Catalan diving


I still promised you a piece about diving in Catalunya, so here it is!

About six weeks ago I found myself in Tossa de Mar. At first, the purpose of this trip was to do a GUE DPV1 course with Sander Evering. Unfortunately I wasn’t able anymore to do this so I would just make a couple of fun dives and enjoy being there and finally really putting my Nauticam housing for my new Olympus OM-D E-M1 to the test!

We were going to be diving with Krakendive, a small local diveshop. It wasn’t really big though you could really feel the owners Raúl and Marta were really devoted to provide good quality diving. And there was one huge asset – the dog, called GUE. Raúl told me it was a touch-contact dog and yes, it couldn’t do without (and I couldn’t…). At least Raúl and Marta taught the dog not to be PADI they said 😉


Before the dive, us Dutchies (Sander, Jitse and me) got a thorough treatment of the Catalan ways. I arrived in the afternoon when they finished the theory on the DPV course and were having lunch at proper Catalan times as the sandwiches arrived at 15:00. Sander was already growing a little bit impatient as he knew it would take some time to really get into the water and the sun would be setting around 18:30. The question came if we wanted coffee… “Nah, let’s go diving…” was the reply, but still some espresso’s arrived. Arriving back at the diveshop, we came to the conclusion not all tanks were filled – that took another 40 minutes or so, making us enter the water at something like 17:00 in the end!

I did two dives while I was here. On the first I did not have my camera and was observing Sander and his three DPV students. Even though for me the dive was just laying still and observing, I had great fun for the entire hour. They had several drills to do with a stowed DPV and also some scootering around. It was quite enjoyable just looking at the struggles they were having! After an hour of laying still, perfectioning my positioning kicks and clearing my mask several times because of the incompatibility of laughing & diving masks, I did get quite cold. The water was still getting warmer, but that meant it was now about 14 degrees Celsius.

The diveshop is well equipped with enough space for several Tec-divers and all their gear and they’re also able to fill your tanks with Nitrox and Trimix. Another great feature: the benches have water hoses above them! That way you can easily and quickly rinse the salt water of your equipment – making even the laziest of divers rinse their set after the dive!

The next morning Joaqin, Marta, Marc and me were at Krakendive at 08:00 to pack everything in the car – we were going diving on the Boreas wreck off the coast of Palamós. The wreck lies at a depth of about 30 meters on the sandy bottom since 1986. The boat had laid in the Palamós port for two years after the Spanish customs had seized it after suspecting the boat being used for trafficking drugs.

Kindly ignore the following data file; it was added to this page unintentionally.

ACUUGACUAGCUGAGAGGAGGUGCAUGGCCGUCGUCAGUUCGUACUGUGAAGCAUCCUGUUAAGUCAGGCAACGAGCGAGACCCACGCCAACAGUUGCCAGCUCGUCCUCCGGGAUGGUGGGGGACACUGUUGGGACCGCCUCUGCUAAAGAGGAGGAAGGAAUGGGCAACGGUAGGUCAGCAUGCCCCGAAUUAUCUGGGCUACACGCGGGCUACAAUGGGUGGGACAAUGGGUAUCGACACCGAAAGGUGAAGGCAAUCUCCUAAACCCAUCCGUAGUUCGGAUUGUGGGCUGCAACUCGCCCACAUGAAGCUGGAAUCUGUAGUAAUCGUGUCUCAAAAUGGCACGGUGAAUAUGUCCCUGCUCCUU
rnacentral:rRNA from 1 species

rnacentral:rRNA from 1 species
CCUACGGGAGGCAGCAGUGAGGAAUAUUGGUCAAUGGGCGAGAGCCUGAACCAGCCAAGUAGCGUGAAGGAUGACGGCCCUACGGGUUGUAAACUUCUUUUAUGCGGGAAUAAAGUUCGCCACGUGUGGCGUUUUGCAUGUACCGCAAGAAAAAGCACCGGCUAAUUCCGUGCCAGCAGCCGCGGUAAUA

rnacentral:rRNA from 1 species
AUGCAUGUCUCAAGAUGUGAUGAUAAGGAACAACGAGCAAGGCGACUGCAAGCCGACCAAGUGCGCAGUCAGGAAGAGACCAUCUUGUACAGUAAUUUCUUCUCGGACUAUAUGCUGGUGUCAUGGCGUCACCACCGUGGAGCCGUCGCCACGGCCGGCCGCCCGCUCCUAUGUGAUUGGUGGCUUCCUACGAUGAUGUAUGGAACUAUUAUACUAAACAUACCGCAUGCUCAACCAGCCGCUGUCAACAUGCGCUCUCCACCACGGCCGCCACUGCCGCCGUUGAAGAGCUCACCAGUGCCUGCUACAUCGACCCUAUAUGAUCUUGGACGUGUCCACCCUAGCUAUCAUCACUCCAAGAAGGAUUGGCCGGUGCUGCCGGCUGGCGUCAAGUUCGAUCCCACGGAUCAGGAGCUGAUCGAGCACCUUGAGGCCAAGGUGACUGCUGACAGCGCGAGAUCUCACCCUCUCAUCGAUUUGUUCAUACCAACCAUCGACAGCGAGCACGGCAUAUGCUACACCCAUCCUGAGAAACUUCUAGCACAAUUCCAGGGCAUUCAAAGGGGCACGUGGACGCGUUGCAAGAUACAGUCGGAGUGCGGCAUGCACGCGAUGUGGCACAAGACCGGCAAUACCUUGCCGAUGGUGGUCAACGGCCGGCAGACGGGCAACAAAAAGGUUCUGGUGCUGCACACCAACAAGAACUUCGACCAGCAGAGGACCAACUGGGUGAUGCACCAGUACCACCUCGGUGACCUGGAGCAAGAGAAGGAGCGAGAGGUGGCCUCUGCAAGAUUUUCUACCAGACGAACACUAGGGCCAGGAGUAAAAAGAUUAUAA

An artist impression of the Boreas wreck, just one mile from the coast at Palamós

Of course this day turned out to be very Catalan too. We got all the stuff in the cars, drove to the diving shop in Palamós and waited for the boat crew to arrive. Half an hour passed, an hour passed… There they were! We went to the port, got all the stuff on the boat and set off to leave. But there still was time for an espresso and sandwich as we had to refuel! Finally we left the harbor at 10:30 and it wasn’t too far to the wreck. We got the buoy line attached and prepared to enter the water. A very gentle current was taking us to the end of the line behind the boat and when we were all in the water and ready we submerged towards the wreck, following the buoy line. Visibility was good and we found ourselves on the wreck within minutes. Being on the seabed for over 30 years the wreck has gotten a lot of life on it! It’s truly beautiful! We went around the wreck and along the gangways and had a nice look in the engine room. They say a picture is worth a thousand words, so the following gallery saves me a lot of writing….

After the dive we returned to port and drove back to Tossa de Mar, where I had a great lunch with Joaquin before returning to Krakendive, cleaning my diving gear, hanging around and packing everything again. On the next day, there was a powerful storm that made it impossible to dive – quite a coincidence I figured I wouldn’t be diving that day! Sander’s photo’s below say it all, but I’ll be back for sure to dive here again!



Author: Kim ten Wolde

30/The Azores/Engineer/SCUBA diving Instructor/Traveler/Cyclist/(Underwater) Photographer/Shark lover & OneOceanGlobal Ambassador

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